It doubles as a pen that doesn't work.
I checked mine and noticed it was reading really high. Like, Ninja-Turtle-origin-story high. I radioed this back to the Sergeant, certain I could feel my organs a'tumoring, and he said ... nothing. Eventually, he told me they were busy and I'd have to wait. An hour passed, all the while I was presumably getting dosed with mega-cancer, and no one did anything. Then the Sergeant came out in full rad-gear, read my meter, yelled "FUCK," and then took off running with my radiation detector. No other words. No explanation.
Another hour went by and still nothing. Finally, the missile went back in the bunker and some technicians came over. I told one what happened. He started laughing through his mask. "No, you've got one of the broke ones!" It turns out they were just trying to stay one step ahead of the inspectors, so none of them would see that we were using broken equipment.
Be all your busted, rusted, outdated, cheaply-made tools will let you be.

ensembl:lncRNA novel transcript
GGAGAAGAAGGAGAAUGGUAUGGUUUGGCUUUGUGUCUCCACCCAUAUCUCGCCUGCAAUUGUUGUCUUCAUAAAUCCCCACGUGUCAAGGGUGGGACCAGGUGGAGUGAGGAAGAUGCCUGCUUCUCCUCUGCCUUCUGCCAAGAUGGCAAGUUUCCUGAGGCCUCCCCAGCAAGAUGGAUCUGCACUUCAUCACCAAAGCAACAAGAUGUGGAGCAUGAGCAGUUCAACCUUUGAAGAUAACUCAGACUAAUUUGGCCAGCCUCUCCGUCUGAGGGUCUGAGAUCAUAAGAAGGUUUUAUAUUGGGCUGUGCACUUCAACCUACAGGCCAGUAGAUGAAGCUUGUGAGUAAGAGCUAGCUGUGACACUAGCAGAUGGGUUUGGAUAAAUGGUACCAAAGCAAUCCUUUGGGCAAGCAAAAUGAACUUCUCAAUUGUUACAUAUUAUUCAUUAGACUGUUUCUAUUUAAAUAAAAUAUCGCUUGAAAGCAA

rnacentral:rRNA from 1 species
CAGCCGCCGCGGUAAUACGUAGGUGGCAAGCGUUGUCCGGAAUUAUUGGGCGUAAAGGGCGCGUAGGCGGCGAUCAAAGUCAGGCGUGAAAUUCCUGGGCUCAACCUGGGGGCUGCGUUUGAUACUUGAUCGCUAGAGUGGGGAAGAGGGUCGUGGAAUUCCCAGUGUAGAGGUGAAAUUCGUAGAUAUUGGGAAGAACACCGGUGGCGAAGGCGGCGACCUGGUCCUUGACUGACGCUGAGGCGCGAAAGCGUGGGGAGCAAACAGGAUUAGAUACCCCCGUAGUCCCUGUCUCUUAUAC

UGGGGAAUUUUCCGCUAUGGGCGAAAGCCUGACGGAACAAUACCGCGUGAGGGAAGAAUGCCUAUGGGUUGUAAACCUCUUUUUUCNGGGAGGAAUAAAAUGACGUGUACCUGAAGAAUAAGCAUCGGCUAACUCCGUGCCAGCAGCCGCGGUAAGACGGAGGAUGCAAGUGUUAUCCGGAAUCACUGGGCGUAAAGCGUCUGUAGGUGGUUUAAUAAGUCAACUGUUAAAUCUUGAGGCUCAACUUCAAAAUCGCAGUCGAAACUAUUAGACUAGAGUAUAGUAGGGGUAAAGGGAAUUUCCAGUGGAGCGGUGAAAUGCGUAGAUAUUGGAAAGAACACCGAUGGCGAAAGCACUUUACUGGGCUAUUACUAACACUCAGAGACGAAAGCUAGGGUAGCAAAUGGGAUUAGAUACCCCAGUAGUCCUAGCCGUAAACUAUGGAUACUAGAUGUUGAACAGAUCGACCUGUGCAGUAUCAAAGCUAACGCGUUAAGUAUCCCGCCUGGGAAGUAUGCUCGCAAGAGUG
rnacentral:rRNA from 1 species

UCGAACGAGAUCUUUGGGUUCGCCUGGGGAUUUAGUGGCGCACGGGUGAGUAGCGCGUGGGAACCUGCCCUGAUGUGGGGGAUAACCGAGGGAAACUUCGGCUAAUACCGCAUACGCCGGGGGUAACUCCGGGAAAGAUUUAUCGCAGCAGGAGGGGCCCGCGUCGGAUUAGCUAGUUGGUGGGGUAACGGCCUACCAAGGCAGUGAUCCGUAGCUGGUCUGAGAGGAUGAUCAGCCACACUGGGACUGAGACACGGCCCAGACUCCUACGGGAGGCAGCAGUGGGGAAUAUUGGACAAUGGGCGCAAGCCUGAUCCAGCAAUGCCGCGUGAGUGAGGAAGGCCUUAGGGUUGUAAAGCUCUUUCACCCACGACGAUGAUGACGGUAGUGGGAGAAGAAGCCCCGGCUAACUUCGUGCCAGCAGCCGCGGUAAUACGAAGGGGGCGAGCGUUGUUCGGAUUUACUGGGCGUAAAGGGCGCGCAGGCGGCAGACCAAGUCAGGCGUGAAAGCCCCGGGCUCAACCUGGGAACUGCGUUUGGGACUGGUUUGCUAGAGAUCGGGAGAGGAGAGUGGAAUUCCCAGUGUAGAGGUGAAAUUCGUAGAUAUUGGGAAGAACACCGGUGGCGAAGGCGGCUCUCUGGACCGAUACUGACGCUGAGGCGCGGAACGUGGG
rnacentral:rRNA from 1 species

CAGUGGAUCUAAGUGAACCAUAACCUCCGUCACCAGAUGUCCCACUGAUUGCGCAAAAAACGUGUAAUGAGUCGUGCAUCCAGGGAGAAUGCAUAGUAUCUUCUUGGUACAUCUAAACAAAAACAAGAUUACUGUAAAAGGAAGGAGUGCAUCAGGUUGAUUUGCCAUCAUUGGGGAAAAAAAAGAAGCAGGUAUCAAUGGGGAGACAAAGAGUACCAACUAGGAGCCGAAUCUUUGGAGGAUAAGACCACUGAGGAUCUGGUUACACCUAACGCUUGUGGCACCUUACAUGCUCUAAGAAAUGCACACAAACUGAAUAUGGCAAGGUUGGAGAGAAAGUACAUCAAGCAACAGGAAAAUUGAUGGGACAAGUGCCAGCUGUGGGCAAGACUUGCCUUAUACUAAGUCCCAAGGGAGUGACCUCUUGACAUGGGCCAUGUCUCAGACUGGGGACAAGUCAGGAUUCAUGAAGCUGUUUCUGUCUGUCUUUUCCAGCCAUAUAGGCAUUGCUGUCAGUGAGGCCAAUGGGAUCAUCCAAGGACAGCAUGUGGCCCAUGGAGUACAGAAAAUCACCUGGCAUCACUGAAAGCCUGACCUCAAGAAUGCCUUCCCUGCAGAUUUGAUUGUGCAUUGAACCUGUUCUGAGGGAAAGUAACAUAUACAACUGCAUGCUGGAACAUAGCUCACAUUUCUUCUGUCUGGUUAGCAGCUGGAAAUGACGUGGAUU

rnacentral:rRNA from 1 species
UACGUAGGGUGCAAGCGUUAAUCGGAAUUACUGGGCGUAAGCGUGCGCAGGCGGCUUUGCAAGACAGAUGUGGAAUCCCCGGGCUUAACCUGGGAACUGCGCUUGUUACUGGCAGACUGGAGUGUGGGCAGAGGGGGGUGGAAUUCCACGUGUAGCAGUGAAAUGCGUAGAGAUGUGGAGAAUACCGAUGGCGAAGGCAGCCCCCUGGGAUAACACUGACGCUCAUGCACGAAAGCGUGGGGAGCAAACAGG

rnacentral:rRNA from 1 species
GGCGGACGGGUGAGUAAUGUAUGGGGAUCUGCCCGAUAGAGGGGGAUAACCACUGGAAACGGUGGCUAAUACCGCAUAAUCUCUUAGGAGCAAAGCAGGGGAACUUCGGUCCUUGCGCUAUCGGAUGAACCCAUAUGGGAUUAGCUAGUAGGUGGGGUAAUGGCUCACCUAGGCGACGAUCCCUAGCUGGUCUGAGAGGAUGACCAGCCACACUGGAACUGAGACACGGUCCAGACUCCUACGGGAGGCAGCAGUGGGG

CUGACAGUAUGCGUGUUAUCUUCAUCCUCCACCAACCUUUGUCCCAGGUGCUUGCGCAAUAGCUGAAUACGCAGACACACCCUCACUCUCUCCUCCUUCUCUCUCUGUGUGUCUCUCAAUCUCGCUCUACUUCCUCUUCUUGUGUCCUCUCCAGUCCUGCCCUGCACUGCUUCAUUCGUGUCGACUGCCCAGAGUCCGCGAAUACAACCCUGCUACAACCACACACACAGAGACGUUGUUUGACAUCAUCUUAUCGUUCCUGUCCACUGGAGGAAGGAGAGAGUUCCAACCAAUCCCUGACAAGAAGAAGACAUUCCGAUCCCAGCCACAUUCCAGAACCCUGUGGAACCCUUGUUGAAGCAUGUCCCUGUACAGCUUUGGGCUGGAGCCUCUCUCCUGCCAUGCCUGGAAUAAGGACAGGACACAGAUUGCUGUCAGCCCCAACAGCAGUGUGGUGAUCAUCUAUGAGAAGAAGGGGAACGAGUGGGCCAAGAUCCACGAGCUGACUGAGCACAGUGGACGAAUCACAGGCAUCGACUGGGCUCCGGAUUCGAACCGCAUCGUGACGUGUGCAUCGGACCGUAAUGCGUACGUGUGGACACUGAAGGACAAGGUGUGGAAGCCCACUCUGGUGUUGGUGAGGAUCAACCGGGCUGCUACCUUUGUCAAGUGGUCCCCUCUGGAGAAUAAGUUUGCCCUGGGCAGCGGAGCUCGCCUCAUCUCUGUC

This was a long time ago, sure, but if you think the attitude is a problem of the past, here's a recent article about how the crews for 450 of our ICBMs had one fucking wrench between them with which to attach warheads to their missiles. They simply shipped that lone wrench from base to base via FedEx. Hope they sprung for lost package insurance. What's the estimated value of "an un-nuked world," by the way?
The People Guarding Your World-Destroying Super-Weapons May Get Attacked
There was a five-mile drive from Up Range HQ and the barracks at Down Range (the missile site). It was one long farm road, and we took it every day for 24 months without issue. Then one day there was a stereotypical, totally-not-a-spy black Mercedes backed into a driveway that had never held anything but tractors before. It pulled out and followed us. We arrived at the missile site. It drove down the road a bit. We saw brake lights. We ran inside to grab ammo and triple the guard to the perimeter.
"You misunderstand -- I'm a simple barn man getting her done with a red neck. Y'all cow howdy y'all."
Luckily, we had a reaction force designated to handle such emergencies, so we called them ... and then waited a full half hour for them to gear up and reach us. By that time, the Mercedes was gone. The Reaction Force combed the area and left. Half an hour later, the sedan came back -- one guy got out, walked off into the woods, then the car pulled away. So now there's a guy wearing a suit out there in the woods, and we're all starting to feel uncomfortably like the expendable extras in the high-octane cold open of a Bond film.
The only thing saving us was our lack of red shirts.